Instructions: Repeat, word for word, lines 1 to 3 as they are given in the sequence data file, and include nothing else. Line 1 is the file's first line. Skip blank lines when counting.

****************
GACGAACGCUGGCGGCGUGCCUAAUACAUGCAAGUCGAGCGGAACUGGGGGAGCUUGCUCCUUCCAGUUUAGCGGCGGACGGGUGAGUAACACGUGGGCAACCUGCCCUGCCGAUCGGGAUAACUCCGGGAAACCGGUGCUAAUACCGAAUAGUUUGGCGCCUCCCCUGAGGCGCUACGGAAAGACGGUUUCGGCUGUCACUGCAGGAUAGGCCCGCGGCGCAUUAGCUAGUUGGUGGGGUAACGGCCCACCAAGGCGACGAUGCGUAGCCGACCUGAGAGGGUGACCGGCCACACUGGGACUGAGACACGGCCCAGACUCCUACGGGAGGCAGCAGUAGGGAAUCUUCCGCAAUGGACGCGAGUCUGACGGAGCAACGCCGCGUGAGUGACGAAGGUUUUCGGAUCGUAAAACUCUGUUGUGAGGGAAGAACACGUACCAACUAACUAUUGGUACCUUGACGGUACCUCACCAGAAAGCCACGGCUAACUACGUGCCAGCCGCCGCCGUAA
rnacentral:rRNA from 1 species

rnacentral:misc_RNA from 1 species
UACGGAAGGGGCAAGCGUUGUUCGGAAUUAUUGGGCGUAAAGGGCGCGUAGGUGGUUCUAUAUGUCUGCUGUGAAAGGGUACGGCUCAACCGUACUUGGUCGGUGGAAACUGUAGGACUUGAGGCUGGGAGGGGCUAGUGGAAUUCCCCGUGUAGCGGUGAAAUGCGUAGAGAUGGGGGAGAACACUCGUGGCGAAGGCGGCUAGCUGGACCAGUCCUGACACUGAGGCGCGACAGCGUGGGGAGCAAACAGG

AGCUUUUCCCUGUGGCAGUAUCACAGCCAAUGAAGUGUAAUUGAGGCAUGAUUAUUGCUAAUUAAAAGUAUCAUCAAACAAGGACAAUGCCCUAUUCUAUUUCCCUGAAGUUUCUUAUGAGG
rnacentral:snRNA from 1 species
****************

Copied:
GACGAACGCUGGCGGCGUGCCUAAUACAUGCAAGUCGAGCGGAACUGGGGGAGCUUGCUCCUUCCAGUUUAGCGGCGGACGGGUGAGUAACACGUGGGCAACCUGCCCUGCCGAUCGGGAUAACUCCGGGAAACCGGUGCUAAUACCGAAUAGUUUGGCGCCUCCCCUGAGGCGCUACGGAAAGACGGUUUCGGCUGUCACUGCAGGAUAGGCCCGCGGCGCAUUAGCUAGUUGGUGGGGUAACGGCCCACCAAGGCGACGAUGCGUAGCCGACCUGAGAGGGUGACCGGCCACACUGGGACUGAGACACGGCCCAGACUCCUACGGGAGGCAGCAGUAGGGAAUCUUCCGCAAUGGACGCGAGUCUGACGGAGCAACGCCGCGUGAGUGACGAAGGUUUUCGGAUCGUAAAACUCUGUUGUGAGGGAAGAACACGUACCAACUAACUAUUGGUACCUUGACGGUACCUCACCAGAAAGCCACGGCUAACUACGUGCCAGCCGCCGCCGUAA
rnacentral:rRNA from 1 species

rnacentral:misc_RNA from 1 species